Faith and fixing our borders--OC Register
Saturday, 11 March 2006 19:00Hysteria, n.: Behavior exhibiting overwhelming or unmanageable fear or emotional excess. (Merriam-Webster dictionary) When the Senate Judiciary Committee began its work last week on an immigration reform bill, it faced pressure from interest groups not to follow the House's lead. These groups have...
Hysteria, n.: Behavior exhibiting overwhelming or unmanageable fear or emotional excess. (Merriam-Webster dictionary)
When the Senate Judiciary Committee began its work last week on an immigration reform bill, it faced pressure from interest groups not to follow the House's lead. These groups have ratcheted up their rhetoric to an extreme - even by Washington's standards - calling the bill "hysterical," "un-American," "devastating," and an "atrocity."
And, the kicker: this extreme language isn't coming from Moveon.org or other left-wing Web sites but from several prominent religious leaders who have said the House's reform bill [the House last month passed legislation to tighten border controls and force employers to confirm the legal status of their workers]violates church teaching. Washington's Roman Catholic Cardinal McCarrick claimed the bill is contrary to "what the Lord told you to do," and Los Angeles' Cardinal Roger Mahony even said he would order priests to break the law, should the bill be enacted.
Such a reaction is itself by definition hysteria and further spreads misinformation about what the House-approved bill does, and it gives a misimpression of where most people of faith stand on fixing our broken immigration system.
Cardinal Mahony's interpretation aside (he said on Ash Wednesday that "every single person who comes up to receive Holy Communion [would be asked]to show papers"), the House's bill does not substantially change decades of law with respect to churches. From 1986 until recently, no organization was allowed to conceal, harbor or shield an alien from law enforcement "in reckless disregard of the fact" that the alien is here illegally. No church has been shut down for operating a soup kitchen or a homeless shelter or providing any other basic social service to an illegal alien. The burden isn't and shouldn't be on the church to screen parishioners for their legal status.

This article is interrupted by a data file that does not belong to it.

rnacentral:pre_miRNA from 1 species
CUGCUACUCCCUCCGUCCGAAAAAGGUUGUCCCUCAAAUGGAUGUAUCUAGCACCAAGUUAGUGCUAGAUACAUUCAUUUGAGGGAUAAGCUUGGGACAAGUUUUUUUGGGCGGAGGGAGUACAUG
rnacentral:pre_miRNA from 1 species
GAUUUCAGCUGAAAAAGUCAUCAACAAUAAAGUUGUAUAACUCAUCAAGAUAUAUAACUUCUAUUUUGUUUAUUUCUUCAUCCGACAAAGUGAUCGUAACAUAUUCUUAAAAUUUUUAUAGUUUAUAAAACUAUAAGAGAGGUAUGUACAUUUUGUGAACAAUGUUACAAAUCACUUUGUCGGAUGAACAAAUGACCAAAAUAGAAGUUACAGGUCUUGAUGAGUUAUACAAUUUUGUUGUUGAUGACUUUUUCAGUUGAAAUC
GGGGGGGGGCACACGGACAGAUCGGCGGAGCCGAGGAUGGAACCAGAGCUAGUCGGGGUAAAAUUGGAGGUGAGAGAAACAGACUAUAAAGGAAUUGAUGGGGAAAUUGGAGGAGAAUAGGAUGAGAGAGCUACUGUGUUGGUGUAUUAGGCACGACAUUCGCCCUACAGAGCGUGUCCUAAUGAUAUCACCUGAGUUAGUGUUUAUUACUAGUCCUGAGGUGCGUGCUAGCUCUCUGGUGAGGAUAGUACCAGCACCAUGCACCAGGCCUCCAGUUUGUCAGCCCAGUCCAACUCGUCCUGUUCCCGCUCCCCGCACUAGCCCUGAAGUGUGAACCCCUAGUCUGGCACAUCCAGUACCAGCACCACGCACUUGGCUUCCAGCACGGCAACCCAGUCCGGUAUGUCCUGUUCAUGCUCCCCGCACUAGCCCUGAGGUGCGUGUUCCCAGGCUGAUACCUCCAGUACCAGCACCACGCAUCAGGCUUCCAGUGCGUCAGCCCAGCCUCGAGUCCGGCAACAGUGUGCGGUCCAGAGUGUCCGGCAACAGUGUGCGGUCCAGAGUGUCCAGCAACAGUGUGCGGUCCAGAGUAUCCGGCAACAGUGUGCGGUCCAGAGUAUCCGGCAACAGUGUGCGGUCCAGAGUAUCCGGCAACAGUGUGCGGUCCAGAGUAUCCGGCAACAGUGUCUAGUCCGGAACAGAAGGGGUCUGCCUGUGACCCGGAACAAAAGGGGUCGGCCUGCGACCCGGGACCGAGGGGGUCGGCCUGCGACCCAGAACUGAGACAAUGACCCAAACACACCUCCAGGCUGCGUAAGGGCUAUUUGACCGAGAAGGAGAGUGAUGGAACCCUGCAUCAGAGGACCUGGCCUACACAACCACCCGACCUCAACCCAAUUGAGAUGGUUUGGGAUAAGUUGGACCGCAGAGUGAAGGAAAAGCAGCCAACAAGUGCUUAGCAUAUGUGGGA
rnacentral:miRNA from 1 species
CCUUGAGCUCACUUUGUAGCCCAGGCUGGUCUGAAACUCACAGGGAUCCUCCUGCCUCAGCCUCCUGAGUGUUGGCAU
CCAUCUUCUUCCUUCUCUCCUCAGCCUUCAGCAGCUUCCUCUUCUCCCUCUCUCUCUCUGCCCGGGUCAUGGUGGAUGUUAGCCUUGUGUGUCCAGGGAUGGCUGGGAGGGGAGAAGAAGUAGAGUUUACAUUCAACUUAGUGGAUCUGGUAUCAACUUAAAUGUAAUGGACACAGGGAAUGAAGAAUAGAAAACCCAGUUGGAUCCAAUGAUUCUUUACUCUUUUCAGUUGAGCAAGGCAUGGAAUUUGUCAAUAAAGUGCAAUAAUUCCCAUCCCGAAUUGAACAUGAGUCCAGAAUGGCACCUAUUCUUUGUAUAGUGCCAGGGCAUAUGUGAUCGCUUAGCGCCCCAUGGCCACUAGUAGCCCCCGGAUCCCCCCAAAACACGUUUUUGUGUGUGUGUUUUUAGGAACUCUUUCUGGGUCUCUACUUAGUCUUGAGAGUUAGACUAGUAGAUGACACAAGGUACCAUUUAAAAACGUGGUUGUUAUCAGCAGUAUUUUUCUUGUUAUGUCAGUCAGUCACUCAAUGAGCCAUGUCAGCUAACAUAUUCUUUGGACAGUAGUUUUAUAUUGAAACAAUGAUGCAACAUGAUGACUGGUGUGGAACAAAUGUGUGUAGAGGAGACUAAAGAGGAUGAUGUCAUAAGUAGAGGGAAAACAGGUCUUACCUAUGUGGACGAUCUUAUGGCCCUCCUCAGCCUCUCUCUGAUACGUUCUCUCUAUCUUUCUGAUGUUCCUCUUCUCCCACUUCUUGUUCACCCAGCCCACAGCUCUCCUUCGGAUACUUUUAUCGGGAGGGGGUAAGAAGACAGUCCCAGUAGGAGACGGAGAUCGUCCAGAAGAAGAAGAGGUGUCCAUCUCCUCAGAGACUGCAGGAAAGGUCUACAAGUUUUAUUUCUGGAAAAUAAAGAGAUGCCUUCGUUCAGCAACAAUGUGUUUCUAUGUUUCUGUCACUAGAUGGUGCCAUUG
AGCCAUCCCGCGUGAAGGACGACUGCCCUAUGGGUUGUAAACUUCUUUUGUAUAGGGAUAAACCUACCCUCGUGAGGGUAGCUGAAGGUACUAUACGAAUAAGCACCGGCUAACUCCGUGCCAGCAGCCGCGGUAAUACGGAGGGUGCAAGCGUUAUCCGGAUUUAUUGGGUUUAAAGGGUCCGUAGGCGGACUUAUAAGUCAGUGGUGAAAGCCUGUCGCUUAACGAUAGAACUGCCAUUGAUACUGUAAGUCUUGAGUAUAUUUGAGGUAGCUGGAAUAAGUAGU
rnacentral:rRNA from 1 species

The truth is that the monstrous bill that these religious leaders are protesting doesn't exist.
The bipartisan immigration reform bill was passed with 36 Democrats - a feat for any bill in the politically polarized House of Representatives. The House bill takes several important steps to secure our country while leaving churches alone. It calls for the construction of a security fence along our southern border, requires federal and local law enforcement to cooperate on immigration matters, and mandates that employers use an instant-check system to verify the legal status of their employees.
The bill's common-sense solutions are supported by a large majority of Americans, including people of faith, such as ourselves. Religious leaders do everyone a disservice when they oversimplify one of the most complex issues before Congress and start misrepresenting the intentions of those of us who are working to improve our system.
The sides can't be described simply as "pro-faith" and "anti-faith" or "justice for immigrants" and "injustice for immigrants," as the official Catholic campaign implies. After all, that vision of justice ignores the legitimate security and economic concerns of American citizens and the law-abiding immigrants who came here the right way. What do the leaders of this movement say to working Americans who have seen their wages depressed by massive illegal immigration? Is amnesty justice for legal immigrants who waited years and spent their savings to abide by our laws?
Reasonable people on both sides of the debate recognize the great injustice our current system does to illegal immigrants. It is illegal to enter the United States without our government's permission, and we employed thousands of Border Patrol agents to apprehend nearly 1.1 million illegal aliens last year alone. But, at the same time, the government does not prosecute employers who hire illegal aliens.
Those jobs lure migrants to cross the treacherous desert where, annually, more than 400 meet their deaths.
We believe that amnesty would do nothing to remedy this problem, as prospective illegal immigrants would continue coming in the hope of yet another future amnesty.
We believe that the House bill takes a reasonable, balanced approach by prosecuting violator employers, putting up physical barriers on our border and cutting off incentives for illegal immigrants to enter our country in the first place.
Hysterical rhetoric - from the Catholics Church, of all places - does nothing to help make our immigration system more just.